Rescue plan seeks private investors

The private sector has been invited to invest in, and rescue, the Eastern Cape’s amalgamated Majola and Magwa tea estates.

TEA FOR MORE THAN TWO: Workers busy in the fields at the Magwa Tea Plantation. Magwa and its counterpart, the Majola Tea Estate, have been amalgamated in a new rescue plan which envisages a 51% controlling share for private investors Picture: LULAMILE FENI

The Eastern Cape rural development and agrarian reform department (DRDAR) yesterday issued a call for expressions of interest in buying 51%, a controlling share, of the estates.

The department’s MEC, Mlibo Qoboshiyane, said the Majola tea estate was incorporated into the Magwa tea estate after a court process in which “workers resolved to join the two tea estates to form a single incorporated tea estate”.

The incorporated estate employs 2500 people and takes up 10000 hectares of prime agricultural land near Lusikisiki, said the MEC.

“With the 100% of Magwa tea estate ownership having been transferred from the Eastern Cape Development Corporation to the department, the government has developed a new shareholding structure to attract private sector investors,” Qoboshiyane said.

The new shareholding structure is slated to give the private investor a controlling majority share of 51%.

The remaining shares will be divided up with 26% going to the surrounding community, 13% to employees and 10% to the government.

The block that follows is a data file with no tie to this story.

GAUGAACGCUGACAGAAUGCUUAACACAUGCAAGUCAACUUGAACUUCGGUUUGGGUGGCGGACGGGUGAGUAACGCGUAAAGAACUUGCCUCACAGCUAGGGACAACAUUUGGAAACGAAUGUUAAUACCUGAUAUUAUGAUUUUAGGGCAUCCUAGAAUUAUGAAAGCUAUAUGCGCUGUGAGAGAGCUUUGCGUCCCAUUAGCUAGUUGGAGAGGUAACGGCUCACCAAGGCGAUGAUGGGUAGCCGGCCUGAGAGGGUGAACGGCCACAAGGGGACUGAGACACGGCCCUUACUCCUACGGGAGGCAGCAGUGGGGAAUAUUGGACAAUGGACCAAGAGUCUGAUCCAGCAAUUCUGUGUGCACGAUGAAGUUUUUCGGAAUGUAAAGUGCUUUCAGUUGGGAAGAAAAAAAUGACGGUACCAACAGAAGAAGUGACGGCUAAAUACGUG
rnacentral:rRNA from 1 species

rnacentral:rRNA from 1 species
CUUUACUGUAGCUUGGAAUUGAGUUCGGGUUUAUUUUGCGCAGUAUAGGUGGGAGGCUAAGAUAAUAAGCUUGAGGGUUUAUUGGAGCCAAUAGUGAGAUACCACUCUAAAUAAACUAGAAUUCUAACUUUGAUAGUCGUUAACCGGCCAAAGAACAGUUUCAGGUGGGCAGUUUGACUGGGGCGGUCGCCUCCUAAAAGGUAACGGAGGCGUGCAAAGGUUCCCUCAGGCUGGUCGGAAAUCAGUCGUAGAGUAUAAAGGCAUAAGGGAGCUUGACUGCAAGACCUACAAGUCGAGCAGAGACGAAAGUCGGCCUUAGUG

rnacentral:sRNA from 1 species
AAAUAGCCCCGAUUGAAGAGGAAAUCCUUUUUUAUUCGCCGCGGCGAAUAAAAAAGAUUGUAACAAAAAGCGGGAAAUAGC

“The private equity partner will be required to fund the 51% equity share by contributing 51% of the funding required in the approved business plan.

“A lease agreement with the community in lieu of the 26% shareholding may also be considered in proposals,” Qoboshiyane said.

All the stakeholders were being consulted about the business rescue and the long-term financial stability and operations of the tea estates, Qoboshiyane said.


“Provincial treasury has committed to allocate R116-million for the tea estate rescue process to improve tea production on the incorporated tea estate and this will add to the R20-million our department, DRDAR, has already transferred to the business rescue practitioner for interim operational requirements.

“Interested investors will be expected to submit a detailed approach and methodology explaining how the tea estate could be turned into a profitable and sustainable operation.


“Government will provide support to the investors and this will ensure that production goes unhindered,” said Qoboshiyane.



Have your say